After a Catholic priest asked a student to take off her gay pride shirt, classmates mobilized to support her
For the 12-year-old student at St. Francis of Assisi School, wearing a favorite old t-shirt with a gay pride message on “Dress Down Day” was nothing new. She had worn it before without a problem on casual dress days, she said. the drink.
But last Friday, at the end of mass she and her classmates attended next door at St. Francis of Assisi Church in northeast Baltimore, the shirt caused a stir:
At the request of Father John J. “Jack” Lombardi, according to witnesses, school officials told him the shirt should come off. Her homeroom teacher forced her to remove him in front of the other students as they stood at the back of the church.
âFor the rest of the day, everyone was very angry about it,â said his 7th grade classmate Dylan Hoffman, speaking at mass this morning.
He and dozens of other students, along with parents and other adults, showed up at church wearing rainbow-striped gay pride Covid masks. Many also wore white T-shirts with the rainbow-colored message, “I am a child of God.”
Hoffman said the students organized the demonstration of support as a way to support their classmate whose mother is gay.
âI think it was really horrible what happened. The way they asked him to take it off was really embarrassing, âsaid Liam Hines, another 7th grader.
âIt was like asking him to take a piece of his family away,â said Hines, of Lauraville. âWe can’t leave this slide. It was really cruel.
âI am very proud of these children,â said his father, Sean Hines, who stood with his arm around his son and also wore a pride mask at church service.
The student who was forced to remove the shirt (whose mother requested that her name not be used) said that when asked to do so, she “was left confused”.
The message on his rainbow striped jersey, âPROUD 365,â is meant to show his commitment to the dignity and respect of LGBTQ people every day of the year, not just during pride season.
After being ordered to remove the shirt, the student was called to the office by principal Karmen Collins, who told him that she had broken the school dress code.
Did Collins explain more?
âShe said it was because it was a Catholic school,â the student said. “I thought that was a bad excuse.”
Response from the Archdiocese
While Lombardi noticed the plethora of gay pride masks dotting the congregation on the pews today, he showed no sign of it. (The slogan of his sermon was “The kingdom of Christ distorts human fiefdoms.”)
The only recognition across the way came from one of the officiants, Lauren Voos, who also wore a Pride mask. Voos managed to slip a direct message about the incident into the call and answer part of the service:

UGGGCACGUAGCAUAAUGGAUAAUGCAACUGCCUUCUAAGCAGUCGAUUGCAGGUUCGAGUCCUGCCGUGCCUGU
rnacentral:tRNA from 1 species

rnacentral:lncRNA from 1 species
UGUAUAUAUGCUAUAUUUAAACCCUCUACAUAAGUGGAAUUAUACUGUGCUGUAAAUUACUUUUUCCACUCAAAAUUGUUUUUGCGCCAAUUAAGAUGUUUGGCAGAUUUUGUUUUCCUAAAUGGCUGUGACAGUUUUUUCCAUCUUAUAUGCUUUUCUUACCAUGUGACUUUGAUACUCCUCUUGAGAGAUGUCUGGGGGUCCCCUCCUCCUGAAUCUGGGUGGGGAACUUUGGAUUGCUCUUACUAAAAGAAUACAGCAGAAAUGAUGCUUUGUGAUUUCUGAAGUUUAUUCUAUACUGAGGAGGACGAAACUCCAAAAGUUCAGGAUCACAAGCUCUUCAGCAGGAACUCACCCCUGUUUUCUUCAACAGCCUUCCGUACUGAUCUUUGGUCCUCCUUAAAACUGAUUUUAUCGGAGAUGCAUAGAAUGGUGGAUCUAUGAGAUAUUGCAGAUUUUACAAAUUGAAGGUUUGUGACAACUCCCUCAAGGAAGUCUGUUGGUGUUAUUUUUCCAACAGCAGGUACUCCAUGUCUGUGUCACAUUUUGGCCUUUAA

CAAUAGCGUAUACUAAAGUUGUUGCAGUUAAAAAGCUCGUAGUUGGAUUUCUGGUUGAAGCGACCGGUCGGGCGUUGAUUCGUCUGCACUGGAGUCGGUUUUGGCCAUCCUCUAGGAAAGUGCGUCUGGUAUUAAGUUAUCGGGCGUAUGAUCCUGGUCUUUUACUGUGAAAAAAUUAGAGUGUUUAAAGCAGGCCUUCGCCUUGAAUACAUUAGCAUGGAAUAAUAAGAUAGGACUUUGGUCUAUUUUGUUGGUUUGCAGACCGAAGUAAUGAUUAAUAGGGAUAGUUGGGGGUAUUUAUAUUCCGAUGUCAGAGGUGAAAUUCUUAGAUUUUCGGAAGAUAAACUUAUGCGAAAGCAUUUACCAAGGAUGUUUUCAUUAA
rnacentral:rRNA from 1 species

âFor marginalized populations and gender identities. . . she said, and the congregation responded with an additional volume, “Lord, answer our prayer.
As the priest and worshipers exited the church, located at 3615 Harford Road, Lombardi declined to discuss the incident.
“I will remain peaceful today,” he said, referring to the drink to the Archdiocese of Baltimore.
In an emailed statement this afternoon, Christian Kendzierski, the archdiocese’s executive director of communications, defended Lombardi’s actions, explaining why the student “was asked to change his outfit before returning to class: “
âThe outfit contained imagery and language with a message that could be determined to oppose the teachings of the Catholic Church,â Kendzierski wrote. âSt. Francis of Assisi is a Catholic parish. and a school that upholds the principles and teachings of the Catholic faith.
Noting that “the church teaches that every person should be treated with respect, compassion and sensitivity,” he said the Archdiocese understands the concerns about what has happened and “is working on plans to bring the community together in order to discuss this in an open, honest and listening manner.
“I have felt in danger recently”
Many adults attending the protest said the harsh treatment inflicted on the student did not reflect their church experience until July, when Lombardi took over as pastor.
“My family has three generations in this church,” said Meghan Murphy, a supporter of the protest, who wore a shirt that read “Be you.”
âIt’s always been mixed and diverse here,â Murphy said.
According to its website, the church dates from 1927 and the school from 1957.
Lauren Voos’ daughter, Amelia Voos, said the atmosphere at the church since Lombardi’s intervention has turned hostile.
âAs a homosexual woman, I have never felt unsafe here, but have felt unsafe recently,â said Amelia Voos, who said she had been the youth coordinator for the church for more than three years. years.
She said that she and her mother, the church’s longtime religious education coordinator, have a long family association with Saint Francis of Assisi.
âI grew up in this parish. To think that this is happening here is painful, âshe said.
Amelia Voos said she and her mother resigned their church posts last week, but was unable to discuss the specific incidents that prompted them to do so.
Speaking on behalf of the church, Kendzierski said he had no information about it. âAs a personal issue, the former employee would hopefully have followed the reporting channels and therefore an investigation or query would have started,â he said.
Others who took part in today’s demonstration showed that they still have positive feelings towards the institution. A boy who wore a mask of pride carried the hosts to the front of the church. Some of the other church members wearing pride masks could be seen dropping money into the collection basket.
As for the mother of the student at the center of the controversy, she indicated that she was awaiting a response to her complaint from the superintendent of Catholic schools in the Archiocese.
âI hope this translates into diversity and inclusion training for staff and the church,â she said. “And an apology would be nice.”